The term **scagnostics** refers to scatter plot
diagnostics, originally described by John and Paul Tukey. This is a
collection of techniques for automatically extracting interesting visual
features from pairs of variables. This package is an implementation of
graph theoretic scagnostics developed by Wilkinson, Anand, and Grossman
(2005) in pure R and is designed to be easily integrated into a tidy
data workflow.

The `cassowaryr`

package provides functions to compute
scagnostics on pairs of numeric variables in a data set.

The package’s primary use is as a step in exploratory data analysis, to give users an idea of the shape of their data and identify interesting pairwise relationships.

The package can be installed from CRAN using

`install.packages("cassowaryr")`

and from GitHub using

`remotes::install_github("numbats/cassowaryr")`

to install the development version.

The usage is illustrated with the package’s example data, datasauRus
dozen. This data is also available in the datasauRus package. There are
several pairs of variables that have with the same mean, variance and
correlation but strikingly different visual features. We will use a
handful of these pairwise plots to show the best way to utilise the
`cassowaryr`

package. Here is a plot of the selected
datasauRus dozen plots:

```
library(cassowaryr)
library(ggplot2)
#> Warning: package 'ggplot2' was built under R version 4.3.1
library(dplyr)
#> Warning: package 'dplyr' was built under R version 4.3.1
#>
#> Attaching package: 'dplyr'
#> The following objects are masked from 'package:stats':
#>
#> filter, lag
#> The following objects are masked from 'package:base':
#>
#> intersect, setdiff, setequal, union
# pick examples
exampledata <- datasaurus_dozen %>%
filter(dataset %in% c("slant_up", "circle", "dots", "away"))
#plot them
exampledata %>%
ggplot(aes(x=x,y=y, colour=dataset))+
geom_point() +
facet_wrap("dataset") +
theme_minimal() +
theme(legend.position = "none", aspect.ratio=1)
```

From a data frame, there are several ways to calculate scagnostics.
If we simply have two variables we wish to calculate several scagnostics
on, we use the `calc_scags`

function and pass through the two
variables as vectors.

```
calc_scags(exampledata$x, exampledata$y, scags=c("clumpy2", "convex", "striated2")) %>%
knitr::kable(digits=4, align="c")
```

striated2 | clumpy2 | convex |
---|---|---|

0.1853 | 0 | 0.7955 |

If instead we have a data frame with two variables and a grouping
variable (a long form of a data set) then we can use the
`calc_scags`

function to get the scagnostics for each
group.

```
longscags <- exampledata %>%
group_by(dataset) %>%
summarise(calc_scags(x, y, scags=c("clumpy2", "convex", "striated2", "dcor")))
longscags %>%
knitr::kable(digits=4, align="c")
```

dataset | striated2 | clumpy2 | convex | dcor |
---|---|---|---|---|

away | 0.0956 | 0.0000 | 0.7950 | 0.1326 |

circle | 0.5255 | 0.0000 | 0.0117 | 0.2292 |

dots | 0.1654 | 0.9932 | 0.0009 | 0.1266 |

slant_up | 0.0942 | 0.8623 | 0.9145 | 0.1932 |

Finally, if we have a wide data set consisting of only numerical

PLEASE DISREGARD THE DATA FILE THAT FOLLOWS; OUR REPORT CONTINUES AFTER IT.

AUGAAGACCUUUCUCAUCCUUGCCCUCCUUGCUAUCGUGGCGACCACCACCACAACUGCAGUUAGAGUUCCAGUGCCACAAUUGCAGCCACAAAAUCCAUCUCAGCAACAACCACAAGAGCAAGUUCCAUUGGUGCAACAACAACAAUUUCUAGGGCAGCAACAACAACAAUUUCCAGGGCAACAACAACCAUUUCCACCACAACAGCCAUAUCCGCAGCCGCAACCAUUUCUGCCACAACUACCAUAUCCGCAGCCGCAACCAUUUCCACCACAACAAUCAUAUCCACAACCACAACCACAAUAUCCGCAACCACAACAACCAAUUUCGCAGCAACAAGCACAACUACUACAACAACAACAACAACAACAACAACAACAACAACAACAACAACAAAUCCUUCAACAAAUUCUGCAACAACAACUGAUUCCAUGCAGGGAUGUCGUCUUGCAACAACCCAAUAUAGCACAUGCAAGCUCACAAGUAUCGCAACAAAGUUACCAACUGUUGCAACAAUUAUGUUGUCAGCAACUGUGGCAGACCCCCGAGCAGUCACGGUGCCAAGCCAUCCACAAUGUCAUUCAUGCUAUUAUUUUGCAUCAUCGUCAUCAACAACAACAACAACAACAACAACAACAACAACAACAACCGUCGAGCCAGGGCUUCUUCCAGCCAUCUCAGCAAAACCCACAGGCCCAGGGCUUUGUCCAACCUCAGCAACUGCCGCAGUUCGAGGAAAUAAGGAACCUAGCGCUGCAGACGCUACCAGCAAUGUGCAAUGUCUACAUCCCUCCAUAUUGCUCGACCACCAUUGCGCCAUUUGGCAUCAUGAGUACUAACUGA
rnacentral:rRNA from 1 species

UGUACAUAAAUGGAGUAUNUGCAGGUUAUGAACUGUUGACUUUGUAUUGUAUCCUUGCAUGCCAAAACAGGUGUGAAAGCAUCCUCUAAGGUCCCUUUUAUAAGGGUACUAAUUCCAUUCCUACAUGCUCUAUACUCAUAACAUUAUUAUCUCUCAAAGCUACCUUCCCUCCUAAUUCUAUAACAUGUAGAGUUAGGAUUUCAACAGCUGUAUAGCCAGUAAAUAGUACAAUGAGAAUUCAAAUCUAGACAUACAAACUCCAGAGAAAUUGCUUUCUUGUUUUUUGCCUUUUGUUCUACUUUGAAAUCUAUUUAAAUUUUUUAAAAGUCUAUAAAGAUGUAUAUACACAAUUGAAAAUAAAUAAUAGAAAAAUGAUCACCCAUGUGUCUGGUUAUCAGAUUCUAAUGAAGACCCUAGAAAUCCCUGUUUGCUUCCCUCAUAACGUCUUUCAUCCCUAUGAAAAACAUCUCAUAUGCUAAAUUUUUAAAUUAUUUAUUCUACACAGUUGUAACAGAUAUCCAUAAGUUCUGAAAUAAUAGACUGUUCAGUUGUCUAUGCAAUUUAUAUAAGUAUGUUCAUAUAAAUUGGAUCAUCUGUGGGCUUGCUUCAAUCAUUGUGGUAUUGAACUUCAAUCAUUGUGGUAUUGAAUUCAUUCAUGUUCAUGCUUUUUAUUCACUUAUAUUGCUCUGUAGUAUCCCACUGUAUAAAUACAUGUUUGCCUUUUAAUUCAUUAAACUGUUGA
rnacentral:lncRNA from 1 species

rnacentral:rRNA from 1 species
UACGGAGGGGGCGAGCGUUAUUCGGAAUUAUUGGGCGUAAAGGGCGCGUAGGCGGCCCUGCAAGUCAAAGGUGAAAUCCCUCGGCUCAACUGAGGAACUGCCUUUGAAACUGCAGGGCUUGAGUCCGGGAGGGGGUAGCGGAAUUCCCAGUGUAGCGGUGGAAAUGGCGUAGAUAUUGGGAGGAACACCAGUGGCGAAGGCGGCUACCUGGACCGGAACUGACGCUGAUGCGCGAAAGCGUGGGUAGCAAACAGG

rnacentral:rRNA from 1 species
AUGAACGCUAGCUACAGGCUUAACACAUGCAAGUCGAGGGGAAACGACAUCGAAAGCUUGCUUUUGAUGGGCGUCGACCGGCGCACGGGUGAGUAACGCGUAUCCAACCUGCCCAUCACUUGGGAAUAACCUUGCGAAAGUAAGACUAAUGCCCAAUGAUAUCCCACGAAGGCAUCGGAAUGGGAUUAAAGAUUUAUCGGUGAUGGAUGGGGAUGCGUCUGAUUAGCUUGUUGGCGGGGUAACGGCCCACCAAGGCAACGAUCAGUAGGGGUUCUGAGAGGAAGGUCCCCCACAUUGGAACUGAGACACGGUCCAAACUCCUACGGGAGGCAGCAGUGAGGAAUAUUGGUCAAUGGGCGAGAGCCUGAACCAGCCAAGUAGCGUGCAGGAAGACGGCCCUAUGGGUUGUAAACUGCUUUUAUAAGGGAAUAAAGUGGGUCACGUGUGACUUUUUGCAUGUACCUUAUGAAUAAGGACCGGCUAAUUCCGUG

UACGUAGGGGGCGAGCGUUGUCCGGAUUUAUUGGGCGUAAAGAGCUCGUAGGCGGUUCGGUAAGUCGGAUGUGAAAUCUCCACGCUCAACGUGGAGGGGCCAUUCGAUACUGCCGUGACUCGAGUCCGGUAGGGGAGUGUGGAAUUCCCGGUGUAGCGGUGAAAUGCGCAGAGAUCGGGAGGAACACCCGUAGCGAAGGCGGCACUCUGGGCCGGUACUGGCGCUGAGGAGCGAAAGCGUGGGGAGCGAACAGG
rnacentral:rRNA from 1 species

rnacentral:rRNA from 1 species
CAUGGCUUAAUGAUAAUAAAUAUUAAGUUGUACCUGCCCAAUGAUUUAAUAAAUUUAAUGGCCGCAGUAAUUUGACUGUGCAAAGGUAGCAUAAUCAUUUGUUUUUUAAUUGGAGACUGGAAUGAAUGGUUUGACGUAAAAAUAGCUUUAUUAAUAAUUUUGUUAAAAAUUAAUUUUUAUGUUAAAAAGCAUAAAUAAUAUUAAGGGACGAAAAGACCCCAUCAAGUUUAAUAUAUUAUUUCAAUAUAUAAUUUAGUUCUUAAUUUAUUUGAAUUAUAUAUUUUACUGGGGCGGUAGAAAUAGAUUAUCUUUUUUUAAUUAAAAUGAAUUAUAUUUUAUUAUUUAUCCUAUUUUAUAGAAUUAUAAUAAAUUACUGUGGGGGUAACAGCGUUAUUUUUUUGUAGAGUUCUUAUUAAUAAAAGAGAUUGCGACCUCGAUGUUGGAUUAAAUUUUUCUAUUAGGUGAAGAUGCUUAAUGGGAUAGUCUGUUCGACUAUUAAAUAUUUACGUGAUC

variables, we can use the `calc_scags_wide`

to find the
scagnostics on every pairwise combination of variables.

```
exampledata_wide <- datasaurus_dozen_wide[,c(1:2,5:6,9:10,17:18)]
widescags<- calc_scags_wide(exampledata_wide, scags=c("clumpy2", "convex", "striated2", "dcor"))
head(widescags, 4) %>%
knitr::kable(digits=4, align="c")
```

Var1 | Var2 | striated2 | clumpy2 | convex | dcor |
---|---|---|---|---|---|

away_y | away_x | 0.0956 | 0.0000 | 0.7950 | 0.1326 |

circle_x | away_x | 0.1111 | 0.5222 | 0.8561 | 0.3839 |

circle_x | away_y | 0.0857 | 0.2211 | 0.8642 | 0.1142 |

circle_y | away_x | 0.1103 | 0.8403 | 0.7089 | 0.0818 |

If the resulting scagnostic data set is small enough, we can find interesting scatter plots by simply looking at the table, however this is often not the case. If we want to find pairwise plots that are different to the others, we can find outliers on combinations of the scagnostics using an interactive scatter plot matrix (SPLOM). The code (but not the output) on how to do this is shown below:

```
library(GGally)
library(plotly)
splom_data <- widescags %>%
mutate(lab = paste0(Var1, " , ", Var2)) %>%
select(-c(Var1, Var2))
p <- ggpairs(splom_data, columns=c(1:4), aes(label=lab)) +
theme_minimal()
ggplotly(p)
```

There are several functions that can summarise the scagnostics
results. Using `top_pairs`

allows us to find the top
scagnostic for each pair of variables, while `top_scags`

finds the top pair of variables for each scagnostic. Their usage is
similar and looks like:

Var1 | Var2 | scag | value |
---|---|---|---|

dots_y | circle_y | clumpy2 | 0.9948 |

slant_up_y | slant_up_x | convex | 0.9145 |

slant_up_y | dots_y | dcor | 0.9167 |

circle_y | circle_x | striated2 | 0.5255 |

Occasionally we will get unexpected results for a scagnostic. To
diagnose a scagnostic result, the package has several draw functions
that will plot the graph based objects that are used to construct the
measures: `draw_alphahull()`

, `draw_convexhull()`

and `draw_mst()`

. Below shows the MST drawn for the
`dots`

pair of variables in the
`datasaurus_dozen`

, and it can be seen to have some
difficulty, as would be expected, defining the MST when all points are
equidistant.

Tukey, J. W. and Tukey, P. A. (1985). “Computer graphics and exploratory data analysis: An introduction”, In Proceedings of the Sixth Annual Conference and Exposition: Computer Graphics’85, 3:773-785. National Computer Graphics Association, Fairfax, VA.

Wilkinson, L., Anand, A. and Grossman, R. (2005) “Graph-theoretic scagnostics”, IEEE Symposium on Information Visualization, 2005. INFOVIS 2005., pp. 157-164, doi: 10.1109/INFVIS.2005.1532142.